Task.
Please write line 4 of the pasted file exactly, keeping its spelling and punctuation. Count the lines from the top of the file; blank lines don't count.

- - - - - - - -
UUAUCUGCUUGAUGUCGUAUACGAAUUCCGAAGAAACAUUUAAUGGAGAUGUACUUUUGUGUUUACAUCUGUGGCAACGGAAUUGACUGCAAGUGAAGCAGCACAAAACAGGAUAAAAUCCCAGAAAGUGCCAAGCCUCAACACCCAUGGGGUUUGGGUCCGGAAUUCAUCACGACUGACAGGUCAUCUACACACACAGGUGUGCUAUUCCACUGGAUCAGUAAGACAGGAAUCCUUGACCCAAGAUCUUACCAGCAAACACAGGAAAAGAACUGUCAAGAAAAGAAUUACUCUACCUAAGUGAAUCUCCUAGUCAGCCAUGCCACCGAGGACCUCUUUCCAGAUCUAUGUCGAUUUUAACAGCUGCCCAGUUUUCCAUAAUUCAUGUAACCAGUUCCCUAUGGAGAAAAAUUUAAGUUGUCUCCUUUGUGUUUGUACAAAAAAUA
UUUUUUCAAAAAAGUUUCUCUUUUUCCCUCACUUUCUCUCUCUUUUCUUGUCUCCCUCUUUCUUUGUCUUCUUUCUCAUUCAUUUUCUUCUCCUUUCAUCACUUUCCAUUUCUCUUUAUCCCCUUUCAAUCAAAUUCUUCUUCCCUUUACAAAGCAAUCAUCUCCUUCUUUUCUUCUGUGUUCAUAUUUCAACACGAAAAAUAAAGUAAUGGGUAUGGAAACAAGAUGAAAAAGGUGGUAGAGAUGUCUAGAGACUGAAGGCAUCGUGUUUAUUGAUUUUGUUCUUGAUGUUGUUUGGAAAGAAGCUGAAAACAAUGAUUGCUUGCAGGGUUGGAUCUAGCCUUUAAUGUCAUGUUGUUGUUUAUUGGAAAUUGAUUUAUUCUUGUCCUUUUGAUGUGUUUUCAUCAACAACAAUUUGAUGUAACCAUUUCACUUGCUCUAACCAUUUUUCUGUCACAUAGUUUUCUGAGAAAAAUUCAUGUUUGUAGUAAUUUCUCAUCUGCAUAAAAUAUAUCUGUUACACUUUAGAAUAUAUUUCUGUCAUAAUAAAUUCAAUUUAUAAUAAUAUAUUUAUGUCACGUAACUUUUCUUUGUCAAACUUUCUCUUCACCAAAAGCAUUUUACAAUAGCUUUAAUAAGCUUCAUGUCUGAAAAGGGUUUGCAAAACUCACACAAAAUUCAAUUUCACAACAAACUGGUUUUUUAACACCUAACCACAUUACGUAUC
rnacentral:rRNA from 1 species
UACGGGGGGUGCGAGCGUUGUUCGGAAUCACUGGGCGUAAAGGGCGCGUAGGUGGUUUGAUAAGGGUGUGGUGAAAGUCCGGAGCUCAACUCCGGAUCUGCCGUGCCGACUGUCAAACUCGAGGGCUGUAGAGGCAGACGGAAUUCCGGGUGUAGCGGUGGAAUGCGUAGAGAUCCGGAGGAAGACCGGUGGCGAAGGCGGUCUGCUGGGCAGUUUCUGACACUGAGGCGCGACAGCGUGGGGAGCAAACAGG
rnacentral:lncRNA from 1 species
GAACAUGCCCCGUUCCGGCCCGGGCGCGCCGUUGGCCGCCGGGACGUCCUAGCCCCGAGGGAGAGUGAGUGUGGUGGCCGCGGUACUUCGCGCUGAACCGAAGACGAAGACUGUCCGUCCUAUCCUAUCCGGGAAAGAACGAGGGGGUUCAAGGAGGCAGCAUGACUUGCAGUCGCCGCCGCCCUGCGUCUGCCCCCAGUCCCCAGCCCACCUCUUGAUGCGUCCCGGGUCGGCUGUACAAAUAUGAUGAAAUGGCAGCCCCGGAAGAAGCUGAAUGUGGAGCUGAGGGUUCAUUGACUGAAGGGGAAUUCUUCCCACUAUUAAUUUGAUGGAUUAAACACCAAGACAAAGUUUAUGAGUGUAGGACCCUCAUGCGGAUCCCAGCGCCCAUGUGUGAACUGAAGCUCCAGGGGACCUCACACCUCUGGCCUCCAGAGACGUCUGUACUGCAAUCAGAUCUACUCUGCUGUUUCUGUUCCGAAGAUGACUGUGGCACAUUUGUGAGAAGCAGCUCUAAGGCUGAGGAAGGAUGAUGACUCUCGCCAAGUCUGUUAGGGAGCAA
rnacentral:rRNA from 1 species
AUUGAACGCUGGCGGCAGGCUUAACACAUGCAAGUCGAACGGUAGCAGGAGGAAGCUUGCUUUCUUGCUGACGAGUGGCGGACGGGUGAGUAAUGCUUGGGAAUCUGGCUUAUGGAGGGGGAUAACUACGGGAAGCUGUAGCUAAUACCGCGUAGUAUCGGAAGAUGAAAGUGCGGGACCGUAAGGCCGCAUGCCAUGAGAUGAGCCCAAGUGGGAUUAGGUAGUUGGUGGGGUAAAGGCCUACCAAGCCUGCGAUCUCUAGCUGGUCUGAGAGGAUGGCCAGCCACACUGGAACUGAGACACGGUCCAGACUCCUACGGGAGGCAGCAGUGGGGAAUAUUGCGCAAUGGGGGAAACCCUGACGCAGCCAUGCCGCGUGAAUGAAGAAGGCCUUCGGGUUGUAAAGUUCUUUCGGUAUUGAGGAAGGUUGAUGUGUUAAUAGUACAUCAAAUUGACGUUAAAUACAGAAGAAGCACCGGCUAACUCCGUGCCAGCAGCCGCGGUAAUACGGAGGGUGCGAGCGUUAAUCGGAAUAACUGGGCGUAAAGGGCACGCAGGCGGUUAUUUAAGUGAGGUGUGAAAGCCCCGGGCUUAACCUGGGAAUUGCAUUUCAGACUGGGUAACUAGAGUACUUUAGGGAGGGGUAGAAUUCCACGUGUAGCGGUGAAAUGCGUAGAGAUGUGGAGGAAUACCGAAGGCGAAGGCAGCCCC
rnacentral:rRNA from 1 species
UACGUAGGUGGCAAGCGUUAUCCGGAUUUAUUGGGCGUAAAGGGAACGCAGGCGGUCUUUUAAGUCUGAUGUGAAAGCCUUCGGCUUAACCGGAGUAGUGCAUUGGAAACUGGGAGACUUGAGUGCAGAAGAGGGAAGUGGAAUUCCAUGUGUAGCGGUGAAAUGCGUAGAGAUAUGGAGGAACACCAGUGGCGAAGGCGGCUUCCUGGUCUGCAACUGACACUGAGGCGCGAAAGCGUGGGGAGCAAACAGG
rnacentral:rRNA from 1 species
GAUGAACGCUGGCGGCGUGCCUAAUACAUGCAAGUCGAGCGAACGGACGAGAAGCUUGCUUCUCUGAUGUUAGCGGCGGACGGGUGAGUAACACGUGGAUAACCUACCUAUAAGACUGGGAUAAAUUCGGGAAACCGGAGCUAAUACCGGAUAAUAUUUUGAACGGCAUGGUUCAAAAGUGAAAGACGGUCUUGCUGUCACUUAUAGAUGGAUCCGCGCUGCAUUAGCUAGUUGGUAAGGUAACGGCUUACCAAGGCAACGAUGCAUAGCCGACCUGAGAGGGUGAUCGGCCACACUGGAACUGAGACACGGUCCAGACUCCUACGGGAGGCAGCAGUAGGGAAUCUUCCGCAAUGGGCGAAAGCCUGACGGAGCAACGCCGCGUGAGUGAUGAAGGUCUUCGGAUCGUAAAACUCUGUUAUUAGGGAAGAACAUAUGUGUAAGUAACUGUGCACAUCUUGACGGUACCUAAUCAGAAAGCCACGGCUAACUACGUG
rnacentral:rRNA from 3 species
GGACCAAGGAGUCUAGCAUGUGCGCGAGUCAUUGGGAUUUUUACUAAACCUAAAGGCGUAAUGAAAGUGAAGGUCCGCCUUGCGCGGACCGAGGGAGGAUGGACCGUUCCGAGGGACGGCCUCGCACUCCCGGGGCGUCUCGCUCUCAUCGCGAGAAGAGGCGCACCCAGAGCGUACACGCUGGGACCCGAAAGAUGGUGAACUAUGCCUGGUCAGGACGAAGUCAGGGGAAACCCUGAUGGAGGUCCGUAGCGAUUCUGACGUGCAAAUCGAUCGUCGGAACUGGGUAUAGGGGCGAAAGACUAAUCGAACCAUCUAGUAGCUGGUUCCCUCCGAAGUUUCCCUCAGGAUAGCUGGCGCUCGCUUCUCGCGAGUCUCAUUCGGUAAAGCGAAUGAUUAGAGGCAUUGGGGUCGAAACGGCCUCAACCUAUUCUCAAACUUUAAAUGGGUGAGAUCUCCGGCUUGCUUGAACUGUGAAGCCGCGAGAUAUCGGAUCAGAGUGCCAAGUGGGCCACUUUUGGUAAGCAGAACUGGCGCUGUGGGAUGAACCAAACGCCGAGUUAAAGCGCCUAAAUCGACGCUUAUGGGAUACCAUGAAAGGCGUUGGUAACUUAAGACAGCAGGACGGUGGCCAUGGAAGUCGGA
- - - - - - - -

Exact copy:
UACGGGGGGUGCGAGCGUUGUUCGGAAUCACUGGGCGUAAAGGGCGCGUAGGUGGUUUGAUAAGGGUGUGGUGAAAGUCCGGAGCUCAACUCCGGAUCUGCCGUGCCGACUGUCAAACUCGAGGGCUGUAGAGGCAGACGGAAUUCCGGGUGUAGCGGUGGAAUGCGUAGAGAUCCGGAGGAAGACCGGUGGCGAAGGCGGUCUGCUGGGCAGUUUCUGACACUGAGGCGCGACAGCGUGGGGAGCAAACAGG